There is a disparity happening in the country.
No, it isn’t political partisanship, but rather “economic confidence.”
The latest release of the University of Michigan’s consumer sentiment survey rose to a three-month high of 96, beat consensus expectations, and remains near record levels. Conversely, CEO confidence in the economy is near record lows.
It’s an interesting dichotomy.
The chart below shows our composite confidence index, which combines both the University of Michigan and Conference Board measures. The chart compares the composite index to the S&P 500 index with the shaded areas representing when the composite index was above a reading of 100.
On the surface, this is bullish for investors. High levels of consumer confidence (above 100) have correlated with positive returns from the S&P 500.
However, high readings are also a warning sign as they then to occur just prior to the onset of a recession. As noted, apparently, consumers did not “get the memo” from CEO’s.
So, who’s right?
Is it the consumer cranking out work hours, raising a family, and trying to make ends meet? Or the CEO of a company who is watching sales, prices, managing inventory, dealing with collections, paying bills, and managing changes to the economic landscape on a daily basis?
Michael Arone, chief market strategist at State Street Global Advisors, recently told MarketWatch:
“I’m not sure if we’ve seen this disparity between positive consumer sentiment and negative business confidence at this level. From my perspective, something has to give. Either businesses have to be more confident, or you’re likely to see more rollover on the consumer data.”
Actually, a quick look at history shows this level of disparity is not unusual. It happens every time prior to the onset of a recession.
Take a closer look at the chart above.
Notice that CEO confidence leads consumer confidence by a wide margin. This lures bullish investors, and the media, into believing that CEO’s really don’t know what they are doing. Unfortunately, consumer confidence tends to crash as it catches up with what CEO’s were already telling them.
What were CEO’s telling consumers that crushed their confidence?
“I’m sorry, we think you are really great, but I have to let you go.”
It is hard for consumers to remain “confident,” and continue spending, when they have lost their source of income. This is why consumer confidence doesn’t “go gently into night,” but rather “screaming into the abyss.”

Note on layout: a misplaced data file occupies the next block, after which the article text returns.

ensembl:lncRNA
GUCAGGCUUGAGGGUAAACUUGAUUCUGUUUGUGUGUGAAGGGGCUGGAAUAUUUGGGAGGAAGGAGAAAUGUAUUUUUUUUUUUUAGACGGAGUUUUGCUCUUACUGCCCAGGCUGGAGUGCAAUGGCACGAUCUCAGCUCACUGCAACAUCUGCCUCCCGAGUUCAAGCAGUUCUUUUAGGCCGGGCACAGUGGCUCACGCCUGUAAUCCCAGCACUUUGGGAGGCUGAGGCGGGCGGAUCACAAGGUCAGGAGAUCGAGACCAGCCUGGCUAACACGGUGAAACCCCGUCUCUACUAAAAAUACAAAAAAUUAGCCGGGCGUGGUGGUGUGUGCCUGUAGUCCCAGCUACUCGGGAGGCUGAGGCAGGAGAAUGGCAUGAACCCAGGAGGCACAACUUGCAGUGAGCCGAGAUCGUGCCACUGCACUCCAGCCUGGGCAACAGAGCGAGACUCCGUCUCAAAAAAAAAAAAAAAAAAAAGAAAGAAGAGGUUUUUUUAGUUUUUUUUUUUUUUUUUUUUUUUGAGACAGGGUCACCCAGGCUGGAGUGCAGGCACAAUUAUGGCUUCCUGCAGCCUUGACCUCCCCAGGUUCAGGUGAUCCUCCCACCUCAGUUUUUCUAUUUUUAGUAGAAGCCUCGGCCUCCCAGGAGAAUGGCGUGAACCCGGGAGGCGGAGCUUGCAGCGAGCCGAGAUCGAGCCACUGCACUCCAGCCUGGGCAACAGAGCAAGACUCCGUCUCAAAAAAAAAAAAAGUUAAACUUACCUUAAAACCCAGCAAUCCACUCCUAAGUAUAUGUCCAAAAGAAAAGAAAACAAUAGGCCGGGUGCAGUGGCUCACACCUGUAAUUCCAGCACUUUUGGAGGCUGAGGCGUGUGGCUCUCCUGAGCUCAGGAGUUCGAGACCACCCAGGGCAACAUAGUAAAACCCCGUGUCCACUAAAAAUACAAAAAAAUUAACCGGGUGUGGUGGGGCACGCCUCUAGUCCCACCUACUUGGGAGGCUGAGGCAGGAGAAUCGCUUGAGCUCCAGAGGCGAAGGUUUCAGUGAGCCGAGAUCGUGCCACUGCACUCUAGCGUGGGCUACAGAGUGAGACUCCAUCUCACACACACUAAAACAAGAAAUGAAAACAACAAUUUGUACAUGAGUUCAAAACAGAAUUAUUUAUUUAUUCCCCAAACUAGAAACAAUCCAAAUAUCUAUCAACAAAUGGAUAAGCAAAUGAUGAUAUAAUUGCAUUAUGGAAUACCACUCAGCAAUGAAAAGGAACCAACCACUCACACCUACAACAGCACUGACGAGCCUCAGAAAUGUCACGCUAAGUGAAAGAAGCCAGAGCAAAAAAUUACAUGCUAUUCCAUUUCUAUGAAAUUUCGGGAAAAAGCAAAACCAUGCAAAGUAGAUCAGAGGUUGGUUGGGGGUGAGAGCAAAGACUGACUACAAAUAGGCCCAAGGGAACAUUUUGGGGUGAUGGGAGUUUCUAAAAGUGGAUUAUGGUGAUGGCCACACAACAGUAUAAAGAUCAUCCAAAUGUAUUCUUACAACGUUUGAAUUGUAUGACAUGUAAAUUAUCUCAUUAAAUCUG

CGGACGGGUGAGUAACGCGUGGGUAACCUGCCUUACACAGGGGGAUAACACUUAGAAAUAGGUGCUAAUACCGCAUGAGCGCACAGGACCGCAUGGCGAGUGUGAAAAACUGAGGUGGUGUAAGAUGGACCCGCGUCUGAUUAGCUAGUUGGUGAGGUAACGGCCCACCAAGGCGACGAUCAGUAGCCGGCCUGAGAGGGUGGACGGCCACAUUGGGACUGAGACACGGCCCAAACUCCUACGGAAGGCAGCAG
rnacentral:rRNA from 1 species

UofM A Better Predictor
As noted above, our composite indicator is the average of both the University of Michigan and Conference Board measures. Of the two measures, the UofM index is the better index to pay attention to.
As shown above, while the Conference Board is near all-time highs suggesting the consumer is “strong”, the UofM measure is sending quite a different message. Not only has it turned lower, confirming the recent weakness in retail sales, but also has topped at a lower high than then previous two bull market peaks.
The chart below subtracts the UofM measure from the Conference Board index to show the historical divergence of the two measures. Importantly, the Conference Board measure is always overly optimistic heading into a recession and bear market, then “catches down” to the UofM measure.
Another way to analyze confidence data is to look at the consumer expectations index minus the current situation index in the consumer confidence report.
This measure also is signaling a recession is coming. The differential between expectations and the current situation, as you can see below, is worse than the last cycle, and only slightly higher than prior to the “dot.com” crash. Recessions start after this indicator bottoms, which has already started happening.
Given that GDP is roughly 70% consumption, deterioration in economic confidence is a hugely important factor. The most significant factors weighing on that consumption, as noted above, are job losses which crushes spending decisions by consumers.
This starts a virtual spiral in the economy as reductions in spending put further pressures on corporate profitability. Lower profits lead to more unemployment, and lower asset prices, until the cycle is complete. Note, bear markets end when the negative deviation reverses back to positive.
Currently, the bottoming process, and potential turn higher, which signals a recession and bear market, appears to be in process.
None of this should be surprising as we head into 2020. With near record low levels of unemployment and jobless claims, combined with record high levels of sentiment, job openings, and near record asset prices, it seems to be just about as “good as it can get.”
“’Record levels” of anything are “records for a reason.”
As Ben Graham stated back in 1959:
“‘The more it changes, the more it’s the same thing.’ I have always thought this motto applied to the stock market better than anywhere else. Now the really important part of the proverb is the phrase, ‘the more it changes.’
The economic world has changed radically and will change even more. Most people think now that the essential nature of the stock market has been undergoing a corresponding change. But if my cliché is sound, then the stock market will continue to be essentially what it always was in the past, a place where a big bull market is inevitably followed by a big bear market.
In other words, a place where today’s free lunches are paid for doubly tomorrow. In the light of recent experience, I think the present level of the stock market is an extremely dangerous one.”
He is right, of course, things are little different now than they were then.
For every “bull market” there MUST be a “bear market.”
This time will not be “different.”
If the last two bear markets haven’t taught you this by now, I am not sure what will.
Maybe the third time will be the “charm.”